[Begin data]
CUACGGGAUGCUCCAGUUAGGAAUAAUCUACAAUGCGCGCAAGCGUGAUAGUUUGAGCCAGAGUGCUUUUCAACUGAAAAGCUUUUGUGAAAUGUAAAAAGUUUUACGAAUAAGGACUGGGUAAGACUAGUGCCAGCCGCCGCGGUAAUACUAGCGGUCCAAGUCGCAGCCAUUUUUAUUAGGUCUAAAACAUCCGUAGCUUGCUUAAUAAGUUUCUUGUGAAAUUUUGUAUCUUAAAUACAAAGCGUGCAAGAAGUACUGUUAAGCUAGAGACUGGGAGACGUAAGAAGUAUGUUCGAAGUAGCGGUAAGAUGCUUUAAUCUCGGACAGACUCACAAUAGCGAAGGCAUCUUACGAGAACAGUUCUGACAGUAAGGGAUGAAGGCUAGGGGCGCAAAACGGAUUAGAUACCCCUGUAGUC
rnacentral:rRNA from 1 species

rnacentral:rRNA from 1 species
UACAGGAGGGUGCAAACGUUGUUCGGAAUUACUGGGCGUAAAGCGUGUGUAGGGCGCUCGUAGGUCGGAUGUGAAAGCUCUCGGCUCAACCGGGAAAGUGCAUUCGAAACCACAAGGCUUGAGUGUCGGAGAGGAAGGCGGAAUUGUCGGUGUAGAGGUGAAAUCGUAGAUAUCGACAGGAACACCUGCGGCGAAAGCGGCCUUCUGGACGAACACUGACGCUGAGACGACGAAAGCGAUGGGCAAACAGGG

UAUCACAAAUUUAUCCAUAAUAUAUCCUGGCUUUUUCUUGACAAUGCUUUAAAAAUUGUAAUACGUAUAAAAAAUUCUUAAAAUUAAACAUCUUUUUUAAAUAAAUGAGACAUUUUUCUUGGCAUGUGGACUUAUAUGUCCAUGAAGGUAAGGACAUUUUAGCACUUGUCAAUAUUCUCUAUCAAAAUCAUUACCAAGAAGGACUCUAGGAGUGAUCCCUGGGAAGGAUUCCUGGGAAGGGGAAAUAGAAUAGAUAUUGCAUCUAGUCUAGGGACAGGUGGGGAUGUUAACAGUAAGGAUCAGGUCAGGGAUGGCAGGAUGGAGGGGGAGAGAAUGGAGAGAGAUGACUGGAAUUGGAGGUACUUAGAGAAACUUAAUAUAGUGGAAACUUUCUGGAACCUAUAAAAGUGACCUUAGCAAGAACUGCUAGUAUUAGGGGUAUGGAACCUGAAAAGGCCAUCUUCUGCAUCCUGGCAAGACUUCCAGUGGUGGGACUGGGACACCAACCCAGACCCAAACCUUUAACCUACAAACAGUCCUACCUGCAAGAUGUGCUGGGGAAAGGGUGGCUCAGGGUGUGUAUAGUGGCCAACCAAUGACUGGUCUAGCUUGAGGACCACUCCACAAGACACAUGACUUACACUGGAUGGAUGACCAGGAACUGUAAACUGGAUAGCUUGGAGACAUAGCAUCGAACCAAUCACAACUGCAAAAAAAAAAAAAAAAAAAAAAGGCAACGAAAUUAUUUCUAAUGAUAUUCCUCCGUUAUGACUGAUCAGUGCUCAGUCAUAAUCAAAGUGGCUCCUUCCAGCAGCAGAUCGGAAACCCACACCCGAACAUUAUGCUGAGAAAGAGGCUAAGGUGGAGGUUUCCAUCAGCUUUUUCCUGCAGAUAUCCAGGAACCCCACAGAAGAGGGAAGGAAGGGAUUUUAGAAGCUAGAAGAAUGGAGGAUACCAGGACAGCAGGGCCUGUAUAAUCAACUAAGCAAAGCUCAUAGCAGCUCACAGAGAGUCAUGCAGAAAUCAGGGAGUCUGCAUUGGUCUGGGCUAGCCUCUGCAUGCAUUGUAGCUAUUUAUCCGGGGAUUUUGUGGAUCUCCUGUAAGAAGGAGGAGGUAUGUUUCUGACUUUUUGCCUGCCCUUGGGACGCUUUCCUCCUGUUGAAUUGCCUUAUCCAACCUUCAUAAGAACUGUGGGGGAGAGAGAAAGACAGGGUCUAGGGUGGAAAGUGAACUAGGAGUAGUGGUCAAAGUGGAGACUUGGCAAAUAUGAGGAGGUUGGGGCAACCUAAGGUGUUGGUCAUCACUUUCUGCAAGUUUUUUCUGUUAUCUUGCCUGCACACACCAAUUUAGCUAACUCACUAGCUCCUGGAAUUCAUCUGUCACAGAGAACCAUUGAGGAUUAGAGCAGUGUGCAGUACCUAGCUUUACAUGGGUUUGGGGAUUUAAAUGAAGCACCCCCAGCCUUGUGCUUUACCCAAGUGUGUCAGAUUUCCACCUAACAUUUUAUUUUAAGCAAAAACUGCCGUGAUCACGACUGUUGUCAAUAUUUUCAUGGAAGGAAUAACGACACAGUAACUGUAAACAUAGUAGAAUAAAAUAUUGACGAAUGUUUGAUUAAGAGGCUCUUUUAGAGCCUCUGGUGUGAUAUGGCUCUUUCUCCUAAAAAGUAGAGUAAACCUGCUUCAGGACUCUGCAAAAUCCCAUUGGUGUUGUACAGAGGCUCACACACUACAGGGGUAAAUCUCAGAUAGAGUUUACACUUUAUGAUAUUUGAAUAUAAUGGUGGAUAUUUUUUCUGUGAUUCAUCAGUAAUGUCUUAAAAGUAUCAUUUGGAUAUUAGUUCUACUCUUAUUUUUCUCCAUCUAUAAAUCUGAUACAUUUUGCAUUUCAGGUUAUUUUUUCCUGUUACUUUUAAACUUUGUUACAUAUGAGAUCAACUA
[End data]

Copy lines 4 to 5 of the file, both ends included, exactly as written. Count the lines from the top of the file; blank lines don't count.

UACAGGAGGGUGCAAACGUUGUUCGGAAUUACUGGGCGUAAAGCGUGUGUAGGGCGCUCGUAGGUCGGAUGUGAAAGCUCUCGGCUCAACCGGGAAAGUGCAUUCGAAACCACAAGGCUUGAGUGUCGGAGAGGAAGGCGGAAUUGUCGGUGUAGAGGUGAAAUCGUAGAUAUCGACAGGAACACCUGCGGCGAAAGCGGCCUUCUGGACGAACACUGACGCUGAGACGACGAAAGCGAUGGGCAAACAGGG

UAUCACAAAUUUAUCCAUAAUAUAUCCUGGCUUUUUCUUGACAAUGCUUUAAAAAUUGUAAUACGUAUAAAAAAUUCUUAAAAUUAAACAUCUUUUUUAAAUAAAUGAGACAUUUUUCUUGGCAUGUGGACUUAUAUGUCCAUGAAGGUAAGGACAUUUUAGCACUUGUCAAUAUUCUCUAUCAAAAUCAUUACCAAGAAGGACUCUAGGAGUGAUCCCUGGGAAGGAUUCCUGGGAAGGGGAAAUAGAAUAGAUAUUGCAUCUAGUCUAGGGACAGGUGGGGAUGUUAACAGUAAGGAUCAGGUCAGGGAUGGCAGGAUGGAGGGGGAGAGAAUGGAGAGAGAUGACUGGAAUUGGAGGUACUUAGAGAAACUUAAUAUAGUGGAAACUUUCUGGAACCUAUAAAAGUGACCUUAGCAAGAACUGCUAGUAUUAGGGGUAUGGAACCUGAAAAGGCCAUCUUCUGCAUCCUGGCAAGACUUCCAGUGGUGGGACUGGGACACCAACCCAGACCCAAACCUUUAACCUACAAACAGUCCUACCUGCAAGAUGUGCUGGGGAAAGGGUGGCUCAGGGUGUGUAUAGUGGCCAACCAAUGACUGGUCUAGCUUGAGGACCACUCCACAAGACACAUGACUUACACUGGAUGGAUGACCAGGAACUGUAAACUGGAUAGCUUGGAGACAUAGCAUCGAACCAAUCACAACUGCAAAAAAAAAAAAAAAAAAAAAAGGCAACGAAAUUAUUUCUAAUGAUAUUCCUCCGUUAUGACUGAUCAGUGCUCAGUCAUAAUCAAAGUGGCUCCUUCCAGCAGCAGAUCGGAAACCCACACCCGAACAUUAUGCUGAGAAAGAGGCUAAGGUGGAGGUUUCCAUCAGCUUUUUCCUGCAGAUAUCCAGGAACCCCACAGAAGAGGGAAGGAAGGGAUUUUAGAAGCUAGAAGAAUGGAGGAUACCAGGACAGCAGGGCCUGUAUAAUCAACUAAGCAAAGCUCAUAGCAGCUCACAGAGAGUCAUGCAGAAAUCAGGGAGUCUGCAUUGGUCUGGGCUAGCCUCUGCAUGCAUUGUAGCUAUUUAUCCGGGGAUUUUGUGGAUCUCCUGUAAGAAGGAGGAGGUAUGUUUCUGACUUUUUGCCUGCCCUUGGGACGCUUUCCUCCUGUUGAAUUGCCUUAUCCAACCUUCAUAAGAACUGUGGGGGAGAGAGAAAGACAGGGUCUAGGGUGGAAAGUGAACUAGGAGUAGUGGUCAAAGUGGAGACUUGGCAAAUAUGAGGAGGUUGGGGCAACCUAAGGUGUUGGUCAUCACUUUCUGCAAGUUUUUUCUGUUAUCUUGCCUGCACACACCAAUUUAGCUAACUCACUAGCUCCUGGAAUUCAUCUGUCACAGAGAACCAUUGAGGAUUAGAGCAGUGUGCAGUACCUAGCUUUACAUGGGUUUGGGGAUUUAAAUGAAGCACCCCCAGCCUUGUGCUUUACCCAAGUGUGUCAGAUUUCCACCUAACAUUUUAUUUUAAGCAAAAACUGCCGUGAUCACGACUGUUGUCAAUAUUUUCAUGGAAGGAAUAACGACACAGUAACUGUAAACAUAGUAGAAUAAAAUAUUGACGAAUGUUUGAUUAAGAGGCUCUUUUAGAGCCUCUGGUGUGAUAUGGCUCUUUCUCCUAAAAAGUAGAGUAAACCUGCUUCAGGACUCUGCAAAAUCCCAUUGGUGUUGUACAGAGGCUCACACACUACAGGGGUAAAUCUCAGAUAGAGUUUACACUUUAUGAUAUUUGAAUAUAAUGGUGGAUAUUUUUUCUGUGAUUCAUCAGUAAUGUCUUAAAAGUAUCAUUUGGAUAUUAGUUCUACUCUUAUUUUUCUCCAUCUAUAAAUCUGAUACAUUUUGCAUUUCAGGUUAUUUUUUCCUGUUACUUUUAAACUUUGUUACAUAUGAGAUCAACUA